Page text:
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Ground Mounted Photovoltaic Arrays
In 2012, 2013 and 2014, three large ground-mounted solar electric (photovoltaic) arrays were installed on agricultural lands operated by Oregon State University as part of “Solar by Degrees,” a large-scale photovoltaic power program coordinated by the Oregon University System. OSU was the first to install and have operational solar arrays. See the OSU press release.
The three arrays cover about five acres combined. The Salmon Disease Lab site, with a capacity of 482 kilowatts, is located adjacent to Trysting Tree golf course just east of the Willamette River. The 53rd Street site is 289 kilowatts and is located adjacent to the bike path just east of the Benton County Fairgrounds. The Aurora site is 220 kilowatts and is on the North Willamette Research and Extension Center (NWREC) farm across from Charbonneau and Miley Road. All three sites were developed with the cooperation of the OSU College of Agricultural Sciences, to which the property is assigned.
The 221 kilowatt solar array across from Charbonneau and Miley Road is tied electrically to the NWREC farm, the array will generate up to 80% of the farm's electrical needs and will save the 160-acre agricultural research center up to $15,000 in yearly energy cost. Click the link above for real-time solar production on SolarCity's SolarGuard site. Partners for this installation include the North Willamette Research and Extension Center.
This 430.95 kilowatt solar array is located at OSU's Hermiston Agricultural Research and Extension Center in Hermiston, Oregon. HAREC serves nearly 500,000 acres of irrigated agricultural in Oregon and Washington's Columbia Basin. The Center concentrates on discovery and implementation of agricultural and horticultural opportunities and provides solutions to production restraints. Click this link for real-time solar production on SolarCity's SolarGuard site.
The 481.95 kilowatt solar array adjacent to the John L. Fryer Salmon Disease Lab is tied to that facility electrically. The array produces enough power on an annual basis to supply that facility and several smaller OSU facilities in the area. Click the link above for real-time solar production on SolarCity's SolarGuard site. Partners for this installation include the Department of Microbiology and Department of Horticulture.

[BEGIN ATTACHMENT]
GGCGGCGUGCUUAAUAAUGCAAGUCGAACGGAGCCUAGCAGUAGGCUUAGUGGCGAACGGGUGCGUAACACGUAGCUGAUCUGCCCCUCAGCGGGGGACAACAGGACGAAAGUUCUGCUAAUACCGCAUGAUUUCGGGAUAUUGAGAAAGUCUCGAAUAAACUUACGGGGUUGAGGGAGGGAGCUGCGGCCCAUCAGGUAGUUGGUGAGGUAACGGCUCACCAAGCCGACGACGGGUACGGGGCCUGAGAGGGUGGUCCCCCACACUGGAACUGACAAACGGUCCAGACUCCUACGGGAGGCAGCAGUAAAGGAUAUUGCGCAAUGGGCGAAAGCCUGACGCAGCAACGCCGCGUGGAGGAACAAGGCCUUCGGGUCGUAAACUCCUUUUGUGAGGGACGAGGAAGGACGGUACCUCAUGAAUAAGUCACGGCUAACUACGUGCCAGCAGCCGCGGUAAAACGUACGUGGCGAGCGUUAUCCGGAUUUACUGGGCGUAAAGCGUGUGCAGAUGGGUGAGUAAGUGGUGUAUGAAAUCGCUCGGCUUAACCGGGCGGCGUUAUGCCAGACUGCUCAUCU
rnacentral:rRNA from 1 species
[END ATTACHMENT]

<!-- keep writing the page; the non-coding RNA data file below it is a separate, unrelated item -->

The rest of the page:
The 289.17 kilowatt array is located adjacent to the bike path just east of the Benton County Fairgrounds on 53rd Street, west of the main campus. Click the link above for real-time solar production on SolarCity's SolarGuard site. Partners for this installation include the Laboratory Animal Resources Center and the Department of Animal and Rangeland Sciences.
The three arrays produce more than 1,130,000 kilowatt hours annually, combined. According to the US EPA’s Greenhouse Gas Equivalencies Calculator, that is equivalent to reducing carbon dioxide emissions from 89,380 gallons of gasoline, eliminating greenhouse gas emissions from 166 passenger vehicles, or offsetting CO2 emissions from the electricity use of 110 homes for a year.
How It Works
Under a power purchase agreement, OSU is leasing land to SolarCity, which installs, owns, maintains and operates solar equipment tied to the electric grid “downstream” from OSU electric meters. OSU purchases renewable electricity generated by the solar equipment at a rate lower than from the local utility, Trelstad said, but still relies on the utility to provide whatever power is needed beyond what the solar system can produce.
SolarWorld, the largest United States solar manufacturer, supplied more than 3,000 high-performance solar panels for the installations. SolarWorld manufactures solar technology, from raw material silicon to finished solar panels, in Hillsboro, Ore., at its 97-acre U.S. manufacturing headquarters.